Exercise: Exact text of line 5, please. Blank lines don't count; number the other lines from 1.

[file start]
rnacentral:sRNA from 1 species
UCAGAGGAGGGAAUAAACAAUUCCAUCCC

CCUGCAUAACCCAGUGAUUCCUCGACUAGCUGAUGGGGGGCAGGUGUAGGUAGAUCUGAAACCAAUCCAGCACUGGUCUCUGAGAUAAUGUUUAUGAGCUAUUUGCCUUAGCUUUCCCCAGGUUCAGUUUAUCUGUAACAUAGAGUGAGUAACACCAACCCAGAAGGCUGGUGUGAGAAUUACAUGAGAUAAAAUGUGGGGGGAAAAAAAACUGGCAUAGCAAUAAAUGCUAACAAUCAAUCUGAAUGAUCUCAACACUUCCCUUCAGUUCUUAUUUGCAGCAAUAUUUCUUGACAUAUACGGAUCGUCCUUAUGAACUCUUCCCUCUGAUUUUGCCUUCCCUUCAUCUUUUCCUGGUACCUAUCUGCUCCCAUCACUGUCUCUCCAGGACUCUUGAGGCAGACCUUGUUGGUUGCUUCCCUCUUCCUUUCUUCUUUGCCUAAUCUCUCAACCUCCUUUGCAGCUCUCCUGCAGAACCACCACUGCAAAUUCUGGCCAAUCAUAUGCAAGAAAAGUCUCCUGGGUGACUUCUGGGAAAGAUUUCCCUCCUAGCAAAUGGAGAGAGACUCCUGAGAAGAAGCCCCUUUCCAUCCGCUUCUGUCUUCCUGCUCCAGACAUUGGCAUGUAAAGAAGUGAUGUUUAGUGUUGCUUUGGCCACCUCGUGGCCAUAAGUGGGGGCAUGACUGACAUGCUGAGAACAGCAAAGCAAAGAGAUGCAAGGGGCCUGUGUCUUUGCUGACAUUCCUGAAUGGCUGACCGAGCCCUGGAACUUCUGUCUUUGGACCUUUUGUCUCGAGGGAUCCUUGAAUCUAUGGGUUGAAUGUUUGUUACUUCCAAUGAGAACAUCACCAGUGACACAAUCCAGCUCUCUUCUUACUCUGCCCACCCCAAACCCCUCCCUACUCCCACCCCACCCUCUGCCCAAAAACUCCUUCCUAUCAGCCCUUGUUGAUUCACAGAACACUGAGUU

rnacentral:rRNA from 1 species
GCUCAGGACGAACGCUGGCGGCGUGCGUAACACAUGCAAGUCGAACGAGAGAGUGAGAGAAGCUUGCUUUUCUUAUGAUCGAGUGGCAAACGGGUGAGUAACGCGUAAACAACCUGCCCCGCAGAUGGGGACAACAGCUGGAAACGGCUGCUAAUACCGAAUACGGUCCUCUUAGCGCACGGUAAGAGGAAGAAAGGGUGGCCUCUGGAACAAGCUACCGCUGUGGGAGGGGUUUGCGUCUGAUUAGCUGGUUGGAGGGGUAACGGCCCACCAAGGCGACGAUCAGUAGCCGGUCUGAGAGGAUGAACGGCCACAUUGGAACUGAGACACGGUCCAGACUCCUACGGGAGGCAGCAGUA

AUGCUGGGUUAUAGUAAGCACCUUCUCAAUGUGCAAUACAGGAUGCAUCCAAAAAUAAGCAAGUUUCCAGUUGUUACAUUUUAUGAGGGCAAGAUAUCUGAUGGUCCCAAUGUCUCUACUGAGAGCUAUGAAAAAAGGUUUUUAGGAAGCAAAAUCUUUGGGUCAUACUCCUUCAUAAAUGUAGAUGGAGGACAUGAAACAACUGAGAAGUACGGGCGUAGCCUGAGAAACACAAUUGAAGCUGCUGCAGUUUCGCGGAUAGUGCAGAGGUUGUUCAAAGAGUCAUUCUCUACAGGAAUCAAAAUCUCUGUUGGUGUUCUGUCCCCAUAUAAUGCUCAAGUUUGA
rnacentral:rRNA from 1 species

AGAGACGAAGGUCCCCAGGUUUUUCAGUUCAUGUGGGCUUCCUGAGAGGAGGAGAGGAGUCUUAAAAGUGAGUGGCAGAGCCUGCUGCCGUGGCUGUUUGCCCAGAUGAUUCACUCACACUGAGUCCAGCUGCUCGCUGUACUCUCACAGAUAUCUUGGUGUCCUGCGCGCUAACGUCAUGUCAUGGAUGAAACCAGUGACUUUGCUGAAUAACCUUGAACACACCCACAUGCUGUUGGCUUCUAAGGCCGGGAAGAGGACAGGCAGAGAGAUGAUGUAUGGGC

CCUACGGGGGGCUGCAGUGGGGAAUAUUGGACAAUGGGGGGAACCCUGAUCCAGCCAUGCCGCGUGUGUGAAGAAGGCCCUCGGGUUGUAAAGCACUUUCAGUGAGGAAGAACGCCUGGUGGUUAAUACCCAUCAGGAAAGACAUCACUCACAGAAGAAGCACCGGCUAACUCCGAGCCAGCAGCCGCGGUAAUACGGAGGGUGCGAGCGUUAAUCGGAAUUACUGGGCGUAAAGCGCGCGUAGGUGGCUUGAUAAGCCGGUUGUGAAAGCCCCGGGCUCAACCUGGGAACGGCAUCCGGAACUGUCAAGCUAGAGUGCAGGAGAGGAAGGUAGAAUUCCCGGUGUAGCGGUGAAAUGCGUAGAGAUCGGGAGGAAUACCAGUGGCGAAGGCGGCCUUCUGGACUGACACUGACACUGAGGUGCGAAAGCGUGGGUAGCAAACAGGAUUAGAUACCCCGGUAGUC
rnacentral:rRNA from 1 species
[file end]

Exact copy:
GCUCAGGACGAACGCUGGCGGCGUGCGUAACACAUGCAAGUCGAACGAGAGAGUGAGAGAAGCUUGCUUUUCUUAUGAUCGAGUGGCAAACGGGUGAGUAACGCGUAAACAACCUGCCCCGCAGAUGGGGACAACAGCUGGAAACGGCUGCUAAUACCGAAUACGGUCCUCUUAGCGCACGGUAAGAGGAAGAAAGGGUGGCCUCUGGAACAAGCUACCGCUGUGGGAGGGGUUUGCGUCUGAUUAGCUGGUUGGAGGGGUAACGGCCCACCAAGGCGACGAUCAGUAGCCGGUCUGAGAGGAUGAACGGCCACAUUGGAACUGAGACACGGUCCAGACUCCUACGGGAGGCAGCAGUA